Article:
Earlier this year, Justice Sandra Day O’Connor retired from the Supreme Court of the United States after 25 years of service. It would be difficult to overstate the impact that Justice O’Connor has had on the interpretation of the Constitution during her tenure on the Court. Her importance to the development of American constitutional law stems from her central position on the Supreme Court. Professor Erwin Chemerinsky has described her role in these terms:
O’Connor is in control. In virtually every area of constitutional law, her key fifth vote determines what will be the majority’s position and what will be the dissent. Lawyers who argue and write briefs to the Court know they are, for all practical purposes, arguing to an audience of one.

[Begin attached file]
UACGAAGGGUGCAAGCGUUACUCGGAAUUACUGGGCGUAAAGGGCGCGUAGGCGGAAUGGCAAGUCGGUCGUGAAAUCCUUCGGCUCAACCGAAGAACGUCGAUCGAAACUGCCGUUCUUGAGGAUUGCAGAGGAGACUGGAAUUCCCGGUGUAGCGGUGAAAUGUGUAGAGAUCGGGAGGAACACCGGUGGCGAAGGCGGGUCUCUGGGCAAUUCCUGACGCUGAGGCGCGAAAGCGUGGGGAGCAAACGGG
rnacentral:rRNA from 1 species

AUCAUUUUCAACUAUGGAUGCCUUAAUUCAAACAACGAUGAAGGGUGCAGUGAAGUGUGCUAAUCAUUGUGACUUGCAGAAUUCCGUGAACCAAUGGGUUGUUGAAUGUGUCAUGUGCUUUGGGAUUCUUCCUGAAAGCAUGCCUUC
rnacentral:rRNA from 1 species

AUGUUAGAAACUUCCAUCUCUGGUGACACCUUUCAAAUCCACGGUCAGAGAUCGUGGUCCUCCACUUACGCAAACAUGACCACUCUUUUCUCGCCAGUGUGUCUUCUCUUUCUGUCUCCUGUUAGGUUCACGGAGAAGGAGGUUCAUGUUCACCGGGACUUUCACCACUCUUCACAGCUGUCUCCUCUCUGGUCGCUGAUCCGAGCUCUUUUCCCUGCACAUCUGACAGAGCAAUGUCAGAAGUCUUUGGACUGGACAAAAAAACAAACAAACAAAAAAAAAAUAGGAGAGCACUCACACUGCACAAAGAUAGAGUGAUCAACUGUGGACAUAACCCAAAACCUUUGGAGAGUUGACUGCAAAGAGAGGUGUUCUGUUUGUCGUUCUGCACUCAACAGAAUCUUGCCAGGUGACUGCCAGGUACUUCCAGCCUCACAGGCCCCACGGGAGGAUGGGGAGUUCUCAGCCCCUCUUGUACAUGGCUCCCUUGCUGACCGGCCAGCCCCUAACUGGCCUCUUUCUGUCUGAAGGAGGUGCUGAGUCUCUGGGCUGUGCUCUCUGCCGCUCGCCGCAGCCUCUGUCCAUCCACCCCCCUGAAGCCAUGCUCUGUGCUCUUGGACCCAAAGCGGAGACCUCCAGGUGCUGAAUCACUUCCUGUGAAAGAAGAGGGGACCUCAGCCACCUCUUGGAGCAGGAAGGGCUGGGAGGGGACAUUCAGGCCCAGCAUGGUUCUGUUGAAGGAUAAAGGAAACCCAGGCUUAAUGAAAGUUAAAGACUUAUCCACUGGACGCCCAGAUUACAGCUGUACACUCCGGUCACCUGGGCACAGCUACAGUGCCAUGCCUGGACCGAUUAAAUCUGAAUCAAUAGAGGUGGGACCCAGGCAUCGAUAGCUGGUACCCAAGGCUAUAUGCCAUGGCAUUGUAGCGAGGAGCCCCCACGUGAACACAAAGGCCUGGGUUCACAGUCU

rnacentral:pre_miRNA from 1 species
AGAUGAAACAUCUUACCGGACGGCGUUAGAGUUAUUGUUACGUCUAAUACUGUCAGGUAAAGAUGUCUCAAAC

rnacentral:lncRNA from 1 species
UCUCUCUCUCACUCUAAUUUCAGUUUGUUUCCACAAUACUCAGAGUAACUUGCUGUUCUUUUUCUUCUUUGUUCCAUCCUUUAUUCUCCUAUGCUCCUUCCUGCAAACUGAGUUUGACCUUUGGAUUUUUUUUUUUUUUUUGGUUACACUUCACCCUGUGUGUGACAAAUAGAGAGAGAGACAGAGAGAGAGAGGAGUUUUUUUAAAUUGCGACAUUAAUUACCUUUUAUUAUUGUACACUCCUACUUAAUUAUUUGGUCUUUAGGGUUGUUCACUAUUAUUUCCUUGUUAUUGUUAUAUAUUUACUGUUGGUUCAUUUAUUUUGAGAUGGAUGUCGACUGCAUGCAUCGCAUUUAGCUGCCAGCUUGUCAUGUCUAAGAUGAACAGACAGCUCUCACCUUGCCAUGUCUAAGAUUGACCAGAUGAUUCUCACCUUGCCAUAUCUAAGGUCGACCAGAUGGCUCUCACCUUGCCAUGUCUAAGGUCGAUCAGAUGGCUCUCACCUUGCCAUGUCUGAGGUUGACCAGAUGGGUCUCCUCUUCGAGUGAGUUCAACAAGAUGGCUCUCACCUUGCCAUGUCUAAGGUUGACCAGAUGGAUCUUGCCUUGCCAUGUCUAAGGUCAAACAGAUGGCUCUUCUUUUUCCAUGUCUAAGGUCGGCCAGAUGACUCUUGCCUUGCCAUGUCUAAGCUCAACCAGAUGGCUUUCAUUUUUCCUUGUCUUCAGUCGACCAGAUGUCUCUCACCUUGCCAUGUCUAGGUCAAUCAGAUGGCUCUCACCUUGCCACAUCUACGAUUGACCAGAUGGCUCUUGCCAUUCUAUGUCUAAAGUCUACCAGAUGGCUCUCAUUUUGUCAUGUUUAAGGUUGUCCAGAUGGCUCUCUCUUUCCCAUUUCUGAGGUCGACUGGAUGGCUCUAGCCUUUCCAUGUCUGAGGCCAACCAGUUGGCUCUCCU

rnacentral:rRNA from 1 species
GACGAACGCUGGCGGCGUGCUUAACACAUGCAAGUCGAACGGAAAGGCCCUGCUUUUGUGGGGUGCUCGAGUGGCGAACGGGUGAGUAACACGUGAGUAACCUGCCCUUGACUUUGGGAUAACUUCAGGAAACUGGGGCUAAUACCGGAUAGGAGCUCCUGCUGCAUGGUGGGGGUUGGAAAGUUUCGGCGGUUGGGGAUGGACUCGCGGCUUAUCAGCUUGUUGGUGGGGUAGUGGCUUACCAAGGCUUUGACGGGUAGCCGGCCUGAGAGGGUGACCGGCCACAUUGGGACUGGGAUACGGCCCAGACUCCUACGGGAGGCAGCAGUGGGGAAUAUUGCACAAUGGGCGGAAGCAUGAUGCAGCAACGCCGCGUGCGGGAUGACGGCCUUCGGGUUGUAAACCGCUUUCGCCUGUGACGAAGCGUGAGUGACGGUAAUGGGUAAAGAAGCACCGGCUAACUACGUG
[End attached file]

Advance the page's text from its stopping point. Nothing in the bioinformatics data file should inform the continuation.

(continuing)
In order to understand the influence that Justice O’Connor has wielded within the Court and in order to appreciate the specific contributions that she has made to American law, it is appropriate to examine her judicial philosophy and to review the substantive principles that she has helped to create. The purpose of this essay is to briefly summarize the jurisprudence of Justice O’Connor in the field of Constitutional Law.
Akron Law Review
Wilson R. Huhn, Constitutional Jurisprudence of Sandra Day O'Connor: A Refusal to "Foreclose the Unanticipated," 39 Akron Law Review 373 (2006).